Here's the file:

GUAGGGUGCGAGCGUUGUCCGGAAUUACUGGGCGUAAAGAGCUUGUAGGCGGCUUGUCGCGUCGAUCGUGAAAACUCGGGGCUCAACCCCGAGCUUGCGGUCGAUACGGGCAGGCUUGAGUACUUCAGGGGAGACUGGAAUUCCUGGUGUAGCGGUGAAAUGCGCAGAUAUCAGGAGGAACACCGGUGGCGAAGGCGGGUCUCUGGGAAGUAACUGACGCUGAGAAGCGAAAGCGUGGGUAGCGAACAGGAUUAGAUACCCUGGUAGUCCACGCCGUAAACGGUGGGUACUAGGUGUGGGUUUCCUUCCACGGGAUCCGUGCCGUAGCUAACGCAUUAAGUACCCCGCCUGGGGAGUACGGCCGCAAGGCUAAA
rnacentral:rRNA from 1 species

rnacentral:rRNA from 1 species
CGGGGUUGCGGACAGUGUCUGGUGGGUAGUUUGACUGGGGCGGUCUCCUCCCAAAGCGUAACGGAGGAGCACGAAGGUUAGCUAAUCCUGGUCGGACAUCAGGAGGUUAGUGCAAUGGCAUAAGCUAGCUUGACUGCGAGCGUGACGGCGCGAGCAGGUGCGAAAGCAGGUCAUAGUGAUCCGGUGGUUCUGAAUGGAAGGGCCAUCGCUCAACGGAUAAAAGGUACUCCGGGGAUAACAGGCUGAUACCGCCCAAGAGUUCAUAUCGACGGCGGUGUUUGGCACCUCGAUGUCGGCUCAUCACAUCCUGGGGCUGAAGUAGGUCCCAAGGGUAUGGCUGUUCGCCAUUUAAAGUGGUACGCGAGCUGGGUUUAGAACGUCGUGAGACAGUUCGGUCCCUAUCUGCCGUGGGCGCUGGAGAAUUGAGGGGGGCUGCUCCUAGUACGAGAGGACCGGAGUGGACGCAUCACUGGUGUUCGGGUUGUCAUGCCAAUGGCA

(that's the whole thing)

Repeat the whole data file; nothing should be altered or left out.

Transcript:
GUAGGGUGCGAGCGUUGUCCGGAAUUACUGGGCGUAAAGAGCUUGUAGGCGGCUUGUCGCGUCGAUCGUGAAAACUCGGGGCUCAACCCCGAGCUUGCGGUCGAUACGGGCAGGCUUGAGUACUUCAGGGGAGACUGGAAUUCCUGGUGUAGCGGUGAAAUGCGCAGAUAUCAGGAGGAACACCGGUGGCGAAGGCGGGUCUCUGGGAAGUAACUGACGCUGAGAAGCGAAAGCGUGGGUAGCGAACAGGAUUAGAUACCCUGGUAGUCCACGCCGUAAACGGUGGGUACUAGGUGUGGGUUUCCUUCCACGGGAUCCGUGCCGUAGCUAACGCAUUAAGUACCCCGCCUGGGGAGUACGGCCGCAAGGCUAAA
rnacentral:rRNA from 1 species

rnacentral:rRNA from 1 species
CGGGGUUGCGGACAGUGUCUGGUGGGUAGUUUGACUGGGGCGGUCUCCUCCCAAAGCGUAACGGAGGAGCACGAAGGUUAGCUAAUCCUGGUCGGACAUCAGGAGGUUAGUGCAAUGGCAUAAGCUAGCUUGACUGCGAGCGUGACGGCGCGAGCAGGUGCGAAAGCAGGUCAUAGUGAUCCGGUGGUUCUGAAUGGAAGGGCCAUCGCUCAACGGAUAAAAGGUACUCCGGGGAUAACAGGCUGAUACCGCCCAAGAGUUCAUAUCGACGGCGGUGUUUGGCACCUCGAUGUCGGCUCAUCACAUCCUGGGGCUGAAGUAGGUCCCAAGGGUAUGGCUGUUCGCCAUUUAAAGUGGUACGCGAGCUGGGUUUAGAACGUCGUGAGACAGUUCGGUCCCUAUCUGCCGUGGGCGCUGGAGAAUUGAGGGGGGCUGCUCCUAGUACGAGAGGACCGGAGUGGACGCAUCACUGGUGUUCGGGUUGUCAUGCCAAUGGCA